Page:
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Editorial: For-profit colleges a bad bargain

Federal and state governments are intensifying efforts to ensure that taxpayer dollars spent at for-profit colleges are benefiting students as much as the businesses.

Students at these colleges have a poor track record for achieving a diploma and/or gainful employment. They also have a high default rate on their government-subsidized loans.

On Monday, the U.S. Department of Education and various state attorneys general announced a $95.5 million settlement with Education Management Corporation (EDMC), the second-largest for-profit college company in the nation, for its alleged “boiler room” recruitment practices.

EDMC operates a chain of colleges, including The Art Institute of Seattle and Argosy University, which has a Seattle campus. The U.S. Department of Justice launched an investigation after whistleblowers within EDMC alleged the company was illegally paying recruiters based on how many students they signed up.

For-profit colleges are expensive, typically charging higher rates per unit than traditional colleges and universities without offering much of their own financial aid. But recruiters tell prospective students they can qualify for government loans and grants to cover costs.

The problem for taxpayers and students is there is very little return on investment.

Many states joined the feds’ legal action, including Washington and Idaho.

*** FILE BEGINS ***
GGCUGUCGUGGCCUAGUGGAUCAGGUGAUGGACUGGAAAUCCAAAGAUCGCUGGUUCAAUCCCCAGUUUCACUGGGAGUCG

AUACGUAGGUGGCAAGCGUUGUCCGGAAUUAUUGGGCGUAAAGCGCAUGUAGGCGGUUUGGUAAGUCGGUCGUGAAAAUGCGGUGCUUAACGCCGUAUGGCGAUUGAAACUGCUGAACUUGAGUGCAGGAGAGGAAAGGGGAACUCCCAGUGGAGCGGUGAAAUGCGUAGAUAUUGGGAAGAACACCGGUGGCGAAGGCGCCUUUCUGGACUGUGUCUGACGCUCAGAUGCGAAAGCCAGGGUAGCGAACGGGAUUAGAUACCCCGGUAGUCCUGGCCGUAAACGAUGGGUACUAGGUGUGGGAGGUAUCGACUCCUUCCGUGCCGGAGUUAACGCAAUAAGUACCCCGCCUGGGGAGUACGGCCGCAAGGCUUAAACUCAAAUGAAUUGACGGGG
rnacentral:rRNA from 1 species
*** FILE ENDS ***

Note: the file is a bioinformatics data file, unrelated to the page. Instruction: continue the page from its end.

Under settlement terms, EDMC will forgive 519 former Idaho students $504,000 in outstanding debt, and 1,187 Washington students will be forgiven loans totaling $1.36 million. EDMC must also reform its recruiting and enrollment practices.

It’s encouraging to see this crackdown, but Congress could lend an even bigger hand by passing a bill that would change the so-called 90-10 rule. Under this equation, 10 percent of the cost of an education at a for-profit school is expected to come from nongovernment sources, presumably a student’s own pockets.

A bill would raise this requirement to 15 percent, which should cause students to think twice before choosing such a high-cost option. If for-profits don’t comply, they would lose access to federal aid.

The change is overdue, because a 2010 report by the Education Trust found that a mere 22 percent of students seeking bachelor’s degrees achieved them. That’s compared to 55 percent of students at public universities and 65 percent at private, nonprofit schools.

Students at for-profit schools also accounted for 46 percent of loan defaults, and they ultimately earn less than other students and have a higher rate of unemployment.

The congressional bill would also crack down on the exploitation of veterans, who are recruited hard by for-profit colleges because GI Bill funds are considered non-federal aid under the 90-10 formula. In reality, 100 percent of the education dollars are government, yet veterans who hoped to be better prepared for the job market have little to show for their “education.”

For-profit colleges have been mired in scandal and controversy for a long time, and their targeting of veterans is appalling.

Congress should protect veterans and tax dollars by passing the bill.


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Editorial: Washington state lawmakers scramble to keep public in the dark

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